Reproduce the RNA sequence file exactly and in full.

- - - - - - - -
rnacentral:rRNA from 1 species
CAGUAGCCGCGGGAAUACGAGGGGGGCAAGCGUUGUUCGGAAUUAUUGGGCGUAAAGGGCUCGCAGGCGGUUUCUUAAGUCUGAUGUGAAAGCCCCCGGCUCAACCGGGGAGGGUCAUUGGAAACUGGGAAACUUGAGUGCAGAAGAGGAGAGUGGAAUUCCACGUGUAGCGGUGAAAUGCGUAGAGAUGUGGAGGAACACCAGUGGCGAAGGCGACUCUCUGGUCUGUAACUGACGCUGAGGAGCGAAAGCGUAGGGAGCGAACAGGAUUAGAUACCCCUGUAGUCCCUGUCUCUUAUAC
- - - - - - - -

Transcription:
rnacentral:rRNA from 1 species
CAGUAGCCGCGGGAAUACGAGGGGGGCAAGCGUUGUUCGGAAUUAUUGGGCGUAAAGGGCUCGCAGGCGGUUUCUUAAGUCUGAUGUGAAAGCCCCCGGCUCAACCGGGGAGGGUCAUUGGAAACUGGGAAACUUGAGUGCAGAAGAGGAGAGUGGAAUUCCACGUGUAGCGGUGAAAUGCGUAGAGAUGUGGAGGAACACCAGUGGCGAAGGCGACUCUCUGGUCUGUAACUGACGCUGAGGAGCGAAAGCGUAGGGAGCGAACAGGAUUAGAUACCCCUGUAGUCCCUGUCUCUUAUAC